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Porting...
Date: 23/1/2007
Ok context menus are working. I had to catch the message received in the owning window and route it back to GMenu::Float instead of receiving the value back from ContextualMenuSelect. Someone from the carbon-dev list helped me out there.

Then the menus were coming up in the wrong place... had to get the x,y ordering right to initialize the Point variable. Fixed.

Then the combobox menus were coming up in weird places. Which was due to a bug in GView::PointToScreen(...). Fixed.

Then fixed a bug in i.Ftp that would send you to ".." when you use the context menu command "Change Dir" on the ".." entry. Which wasn't related to Lgi and the Mac port, but a bug none-the-less.

Now there is a little issue with the saving and restoring of account information in the connect dialog. And after that a little more testing to make sure the basic functionality is working and then I'll release it.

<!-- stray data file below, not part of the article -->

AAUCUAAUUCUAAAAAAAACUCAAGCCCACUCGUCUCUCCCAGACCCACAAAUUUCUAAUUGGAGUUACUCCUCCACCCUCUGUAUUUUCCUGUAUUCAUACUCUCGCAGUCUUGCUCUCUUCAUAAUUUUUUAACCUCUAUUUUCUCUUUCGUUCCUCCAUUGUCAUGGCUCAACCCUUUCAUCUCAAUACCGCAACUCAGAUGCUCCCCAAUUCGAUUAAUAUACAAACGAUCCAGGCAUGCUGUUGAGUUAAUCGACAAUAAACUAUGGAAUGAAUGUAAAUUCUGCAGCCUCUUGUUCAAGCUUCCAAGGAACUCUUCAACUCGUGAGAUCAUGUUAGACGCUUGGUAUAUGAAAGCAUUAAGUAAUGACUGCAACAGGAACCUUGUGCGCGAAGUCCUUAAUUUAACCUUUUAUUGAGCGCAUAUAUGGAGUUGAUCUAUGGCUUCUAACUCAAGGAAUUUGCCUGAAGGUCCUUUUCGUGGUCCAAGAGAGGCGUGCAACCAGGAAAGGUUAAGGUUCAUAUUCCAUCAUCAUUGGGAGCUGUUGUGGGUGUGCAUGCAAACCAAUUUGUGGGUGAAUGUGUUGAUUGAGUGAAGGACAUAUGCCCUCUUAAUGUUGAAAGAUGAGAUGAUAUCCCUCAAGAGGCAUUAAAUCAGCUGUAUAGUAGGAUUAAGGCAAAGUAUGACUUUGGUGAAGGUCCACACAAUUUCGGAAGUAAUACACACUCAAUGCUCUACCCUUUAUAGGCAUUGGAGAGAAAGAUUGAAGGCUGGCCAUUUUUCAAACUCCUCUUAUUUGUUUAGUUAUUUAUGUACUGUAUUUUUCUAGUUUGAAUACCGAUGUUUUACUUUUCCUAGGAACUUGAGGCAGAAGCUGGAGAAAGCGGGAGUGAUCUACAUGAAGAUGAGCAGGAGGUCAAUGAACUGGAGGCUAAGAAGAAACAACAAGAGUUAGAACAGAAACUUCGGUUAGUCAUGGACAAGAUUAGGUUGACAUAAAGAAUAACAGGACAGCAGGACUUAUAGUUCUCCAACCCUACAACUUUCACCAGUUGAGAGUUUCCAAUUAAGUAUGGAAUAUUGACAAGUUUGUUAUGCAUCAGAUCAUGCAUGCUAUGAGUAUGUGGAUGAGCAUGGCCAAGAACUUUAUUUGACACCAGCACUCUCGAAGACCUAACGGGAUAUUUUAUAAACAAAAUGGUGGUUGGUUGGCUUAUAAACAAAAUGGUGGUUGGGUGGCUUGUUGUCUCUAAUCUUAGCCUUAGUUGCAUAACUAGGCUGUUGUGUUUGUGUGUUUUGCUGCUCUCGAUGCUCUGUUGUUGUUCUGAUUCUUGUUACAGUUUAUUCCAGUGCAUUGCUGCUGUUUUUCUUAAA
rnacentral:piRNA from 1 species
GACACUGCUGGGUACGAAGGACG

I'm also looking for some good documentation on how to build a .dmg to distribute the application.

Reeeeeeaally close now :)
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Mac Port Update
Date: 22/1/2007
So I've got the scrollbars all sorted out. They paint correctly and work when you click on them. I havn't implemented any sort of mouse capture yet but it's good enough for a beta release.

Then I noticed that the context menus don't work, so I implemented GView::GetMouse and then everything just stopped working. This was because the mouse hook thread was hanging. So I've disabled that for the moment, as it doesn't add any important functionality for a beta release. My current issue with the contextual menus is that when I call ContextualMenuSelect it shows the menu fine, and I can click on an item and it flashes briefly but then it returns userCanceledErr (-128). There must be something I'm not adding to the menu items I guess. I've posted on the carbon dev list about it and hopefully someone will know the answer.

Still hoping to scrape in by the end of Jan.
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Mac Port Progress